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‘Adapt or die’ in face of climate crisis, warns Environment Agency

With COP26 just weeks away, the Environment Agency has issued a stark warning about current approaches to tackling the climate emergency and called for increased focus on adaptation.

The agency’s Living better with a changing climate report, published yesterday (13 October), insists that adaptation – becoming resilient to the effects of a changing climate – is just as important as mitigation.

The report warns of more extreme weather leading to increased flooding and drought, sea level rises of up to 78cm by the 2080s, and public water supplies needing more than 3.4bn extra litres of water per day by 2050.

The agency has urged governments, businesses and society to embrace and invest in adaptation, rather than living with the costs of inaction.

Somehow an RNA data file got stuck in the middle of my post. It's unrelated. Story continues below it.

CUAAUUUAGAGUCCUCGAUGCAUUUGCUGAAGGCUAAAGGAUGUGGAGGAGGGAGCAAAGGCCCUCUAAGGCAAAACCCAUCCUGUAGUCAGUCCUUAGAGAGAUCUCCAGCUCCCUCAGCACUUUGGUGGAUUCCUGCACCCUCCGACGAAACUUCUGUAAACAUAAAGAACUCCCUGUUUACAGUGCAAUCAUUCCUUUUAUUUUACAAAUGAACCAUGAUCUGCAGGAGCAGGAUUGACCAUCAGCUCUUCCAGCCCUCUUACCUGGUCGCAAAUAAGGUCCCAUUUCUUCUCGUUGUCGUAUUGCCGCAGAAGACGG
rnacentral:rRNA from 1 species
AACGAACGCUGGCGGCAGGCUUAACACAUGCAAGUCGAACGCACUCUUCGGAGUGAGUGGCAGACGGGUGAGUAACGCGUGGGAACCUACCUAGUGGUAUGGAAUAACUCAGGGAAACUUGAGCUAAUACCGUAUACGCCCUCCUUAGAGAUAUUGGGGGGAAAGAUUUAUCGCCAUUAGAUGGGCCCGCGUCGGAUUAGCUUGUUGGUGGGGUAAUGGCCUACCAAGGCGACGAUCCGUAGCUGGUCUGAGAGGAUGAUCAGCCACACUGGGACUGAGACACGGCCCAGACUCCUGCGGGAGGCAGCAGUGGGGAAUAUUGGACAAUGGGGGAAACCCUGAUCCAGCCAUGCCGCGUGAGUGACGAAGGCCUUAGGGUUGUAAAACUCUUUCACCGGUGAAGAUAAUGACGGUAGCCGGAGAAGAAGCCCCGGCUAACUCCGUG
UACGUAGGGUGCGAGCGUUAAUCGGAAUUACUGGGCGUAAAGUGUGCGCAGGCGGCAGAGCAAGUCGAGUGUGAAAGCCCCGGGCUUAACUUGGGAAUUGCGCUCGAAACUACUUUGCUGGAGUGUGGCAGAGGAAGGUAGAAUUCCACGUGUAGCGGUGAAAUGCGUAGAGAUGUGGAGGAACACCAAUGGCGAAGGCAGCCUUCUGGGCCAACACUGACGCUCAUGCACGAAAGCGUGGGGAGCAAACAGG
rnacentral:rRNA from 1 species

As part of its focus on better preparation for the impacts of climate change, the Environment Agency is working with government, business and communities, as well as delivering a £5.2bn programme of new flood and coastal defences over the next six years.

While the report welcomes the UK Government’s focus on adaptation as well as mitigation, and the fact that climate adaptation is one of the COP26 summit’s four key goals, it urges more action at a global level to protect lives and livelihoods that are at risk.

Environment Agency chair Emma Howard Boyd said: “The climate crisis is global, but its impacts are in your village, your shop, your home. Adaptation action needs to be integral to government, businesses and communities too and people will soon question why it isn’t – especially when it is much cheaper to invest early in climate resilience than to live with the costs of inaction.”

Howard Boyd added that while mitigation might save the planet, it is adaptation, preparing for climate shocks, that will save millions of lives. “Choosing one over the other on the basis of a simple either/or calculation is like telling a bird it only needs one wing to fly,” she said.